Category Archives: Read

Through the Eyes of Sierra Leone

Sierra Leone isn’t the first holiday destination most people think of.  In fact, most people don’t think of Sierra Leone at all, unless someone is discussing child soldiers or Leonardo DiCaprio movies (may I mention here just how impressed I was with Leo’s Saffer accent in Blood Diamonds?  No joke, he nailed it about as well as someone from Not-South-Africa ever could).

There are some very good books coming out of West Africa, though – books that really capture life, culture, and a world that people outside of Africa often don’t get to see either in person or in print.  With one of my newest favorite authors, Aminatta Forna, Sierra Leone is firmly represented on that growing list.

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Reaction GIFS Travelers Really Need

We have a Facebook page associated with the From Fresno to Timbuktu site, but you know that, right?  You know that, and YOU HAVE LIKED IT, right?  Go ahead, you can do that now.  I’ll wait for you.


Now that you have pressed the like button and are perusing our offerings of witticisms, pontificating, and moments of sheer ridiculousness (often brought to you by over-tired children, over-packed husbands, and a cat that finds car rides a better elimination help than Senekot tablets), you can start liking some of our stuff as well.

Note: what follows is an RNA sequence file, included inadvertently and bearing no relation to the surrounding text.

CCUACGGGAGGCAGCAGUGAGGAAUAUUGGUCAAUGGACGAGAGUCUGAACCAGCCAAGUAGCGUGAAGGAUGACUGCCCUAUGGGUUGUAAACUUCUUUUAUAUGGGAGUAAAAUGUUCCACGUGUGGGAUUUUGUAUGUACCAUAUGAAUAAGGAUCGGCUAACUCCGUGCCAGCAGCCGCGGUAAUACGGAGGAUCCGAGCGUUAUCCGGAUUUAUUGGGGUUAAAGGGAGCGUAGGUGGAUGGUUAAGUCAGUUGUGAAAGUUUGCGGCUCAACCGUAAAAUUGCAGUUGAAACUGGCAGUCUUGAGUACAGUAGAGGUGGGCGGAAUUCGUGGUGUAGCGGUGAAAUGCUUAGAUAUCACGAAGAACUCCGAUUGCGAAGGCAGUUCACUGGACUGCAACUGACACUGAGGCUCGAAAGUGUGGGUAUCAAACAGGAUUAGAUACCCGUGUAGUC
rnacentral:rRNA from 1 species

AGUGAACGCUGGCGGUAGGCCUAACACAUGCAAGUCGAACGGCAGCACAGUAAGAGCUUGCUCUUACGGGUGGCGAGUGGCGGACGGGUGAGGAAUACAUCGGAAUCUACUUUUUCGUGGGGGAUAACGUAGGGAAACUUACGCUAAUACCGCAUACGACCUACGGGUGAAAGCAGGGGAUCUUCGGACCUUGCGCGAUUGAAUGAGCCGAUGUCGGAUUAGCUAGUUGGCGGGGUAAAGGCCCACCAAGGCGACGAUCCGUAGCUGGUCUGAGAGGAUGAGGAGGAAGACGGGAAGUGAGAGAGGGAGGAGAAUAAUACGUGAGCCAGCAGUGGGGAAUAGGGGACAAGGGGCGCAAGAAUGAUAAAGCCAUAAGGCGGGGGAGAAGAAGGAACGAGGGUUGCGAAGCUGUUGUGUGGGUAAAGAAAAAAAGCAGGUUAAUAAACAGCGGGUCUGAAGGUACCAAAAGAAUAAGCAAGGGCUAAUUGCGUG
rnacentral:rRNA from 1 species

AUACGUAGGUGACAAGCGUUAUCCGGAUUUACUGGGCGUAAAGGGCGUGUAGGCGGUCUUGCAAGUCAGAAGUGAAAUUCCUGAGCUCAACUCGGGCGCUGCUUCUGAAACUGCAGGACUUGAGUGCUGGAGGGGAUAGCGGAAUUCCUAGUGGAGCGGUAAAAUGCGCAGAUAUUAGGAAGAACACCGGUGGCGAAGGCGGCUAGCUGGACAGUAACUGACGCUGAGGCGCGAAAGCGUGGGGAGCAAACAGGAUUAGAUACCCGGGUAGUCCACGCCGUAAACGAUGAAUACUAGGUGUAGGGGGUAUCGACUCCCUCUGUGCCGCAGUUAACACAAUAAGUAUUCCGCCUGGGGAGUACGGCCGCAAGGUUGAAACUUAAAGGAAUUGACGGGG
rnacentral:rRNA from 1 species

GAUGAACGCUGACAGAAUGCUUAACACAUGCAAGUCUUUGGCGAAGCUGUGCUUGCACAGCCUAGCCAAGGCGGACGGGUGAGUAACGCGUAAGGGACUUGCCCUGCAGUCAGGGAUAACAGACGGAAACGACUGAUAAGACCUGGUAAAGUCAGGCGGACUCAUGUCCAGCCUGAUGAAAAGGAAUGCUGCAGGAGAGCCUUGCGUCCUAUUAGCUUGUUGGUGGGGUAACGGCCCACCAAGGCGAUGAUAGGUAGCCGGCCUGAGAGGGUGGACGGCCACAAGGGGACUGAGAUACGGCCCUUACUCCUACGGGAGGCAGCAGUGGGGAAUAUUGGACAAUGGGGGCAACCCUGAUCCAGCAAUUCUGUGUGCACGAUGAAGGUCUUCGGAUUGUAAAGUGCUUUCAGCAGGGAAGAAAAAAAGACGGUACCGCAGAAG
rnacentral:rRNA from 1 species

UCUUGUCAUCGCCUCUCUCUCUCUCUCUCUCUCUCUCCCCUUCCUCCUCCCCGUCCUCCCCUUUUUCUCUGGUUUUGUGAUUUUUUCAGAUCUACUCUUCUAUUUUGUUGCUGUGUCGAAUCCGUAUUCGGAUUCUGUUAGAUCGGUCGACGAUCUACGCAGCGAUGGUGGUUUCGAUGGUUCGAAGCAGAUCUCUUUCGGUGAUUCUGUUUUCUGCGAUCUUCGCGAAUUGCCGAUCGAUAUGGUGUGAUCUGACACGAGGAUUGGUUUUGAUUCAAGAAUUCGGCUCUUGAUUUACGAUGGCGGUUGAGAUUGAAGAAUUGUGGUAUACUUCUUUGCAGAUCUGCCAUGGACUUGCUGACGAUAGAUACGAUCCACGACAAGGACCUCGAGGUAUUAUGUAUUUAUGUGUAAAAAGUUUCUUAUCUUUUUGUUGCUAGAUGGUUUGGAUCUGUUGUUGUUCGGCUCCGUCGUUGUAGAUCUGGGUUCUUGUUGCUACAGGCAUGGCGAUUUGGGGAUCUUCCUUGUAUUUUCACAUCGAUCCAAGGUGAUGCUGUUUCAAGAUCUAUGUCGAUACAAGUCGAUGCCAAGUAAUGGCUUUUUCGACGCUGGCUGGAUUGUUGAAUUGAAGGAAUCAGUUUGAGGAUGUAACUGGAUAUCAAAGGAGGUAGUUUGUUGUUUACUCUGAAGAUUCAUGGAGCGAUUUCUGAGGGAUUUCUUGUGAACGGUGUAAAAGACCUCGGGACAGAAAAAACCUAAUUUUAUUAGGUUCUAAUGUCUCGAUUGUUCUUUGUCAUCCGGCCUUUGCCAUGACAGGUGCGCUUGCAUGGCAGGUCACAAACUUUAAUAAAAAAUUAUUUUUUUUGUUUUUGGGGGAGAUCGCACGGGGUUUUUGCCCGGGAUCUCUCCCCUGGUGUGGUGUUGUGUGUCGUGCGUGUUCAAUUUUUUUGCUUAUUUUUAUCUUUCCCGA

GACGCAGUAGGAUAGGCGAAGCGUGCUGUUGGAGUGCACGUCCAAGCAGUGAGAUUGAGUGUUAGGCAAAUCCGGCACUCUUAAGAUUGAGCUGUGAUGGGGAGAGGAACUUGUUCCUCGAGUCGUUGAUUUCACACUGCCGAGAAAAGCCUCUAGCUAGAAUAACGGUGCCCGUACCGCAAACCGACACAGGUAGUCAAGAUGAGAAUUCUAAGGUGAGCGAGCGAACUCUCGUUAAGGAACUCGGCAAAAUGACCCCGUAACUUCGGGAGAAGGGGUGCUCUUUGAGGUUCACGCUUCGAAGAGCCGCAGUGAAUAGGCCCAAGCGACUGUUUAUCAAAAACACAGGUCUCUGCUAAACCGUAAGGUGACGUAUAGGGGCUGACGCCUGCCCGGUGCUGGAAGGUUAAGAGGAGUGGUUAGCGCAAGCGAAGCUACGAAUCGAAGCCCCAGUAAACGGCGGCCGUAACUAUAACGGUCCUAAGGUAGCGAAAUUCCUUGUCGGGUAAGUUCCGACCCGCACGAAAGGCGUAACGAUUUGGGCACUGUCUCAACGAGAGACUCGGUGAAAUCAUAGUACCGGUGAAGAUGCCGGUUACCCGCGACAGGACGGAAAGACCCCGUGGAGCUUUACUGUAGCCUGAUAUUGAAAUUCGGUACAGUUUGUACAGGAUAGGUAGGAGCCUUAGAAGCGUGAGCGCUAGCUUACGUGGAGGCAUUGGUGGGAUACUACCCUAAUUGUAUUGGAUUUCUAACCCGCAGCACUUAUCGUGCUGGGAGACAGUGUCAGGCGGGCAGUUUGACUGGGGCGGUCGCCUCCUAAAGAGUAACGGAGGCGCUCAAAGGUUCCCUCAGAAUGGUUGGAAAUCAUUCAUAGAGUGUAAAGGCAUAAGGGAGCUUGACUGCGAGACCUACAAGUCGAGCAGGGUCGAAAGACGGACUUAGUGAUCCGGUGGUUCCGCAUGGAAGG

And by “like”, I mean, “pick an appropriate emoticon to tell us how engaged you are with all this hoo-dee-do.”

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Before You Go, Read: Naples, Italy

Travelling is always a great experience.  It is even more great if you know some of the area’s history, and can see things in context.  That’s why we’re bringing you this randomly occuring series, Before You Go, Read.

Naples, Italy is an amazing and awful and fascinating and frustrating city.  During a day in Naples, it is not uncommon to feel all these things on the same day.  Two books can help to unlock the mystery of Naples.

The first book is historical fiction with a strong romantic theme.  The Wedding Officer by Anthony Capella is the story of a young Italian woman who is a fabulous cook, and follows her life as it is impacted by World War II.  It is also the story of a young English officer sent to Naples to prevent marriages between local women and English soldiers.  While the outcome seems obvious, the story is truly amazing.   The book cover and the Amazon listing both focus on the romantic story, but I was significantly more fascinated by the evocative descriptions of war-time life in Naples.  Prior to reading this book, I could not imagine the ways in which the war destroyed the city.  It gave me a new perspective on both the city itself, and an amazing appreciation for its older residents.

Understanding the physical and social destruction of the region helped me to better understand the things I read in the second recommended book. Gomorrah: A Personal Journey into the Violent International Empire of Naples’ Organized Crime System is non-fiction, and sometimes a little hard to read. It also sets the scene for why Naples is the way it is, why things don’t get done (or why they do), and why the residents tolerate certain things that would make most other big-city dwellers crazy.

There is no way to adequately express how much my perspective on Naples was altered by these two books.  I give them my highest recommendation for deepening my appreciation for the region and its people.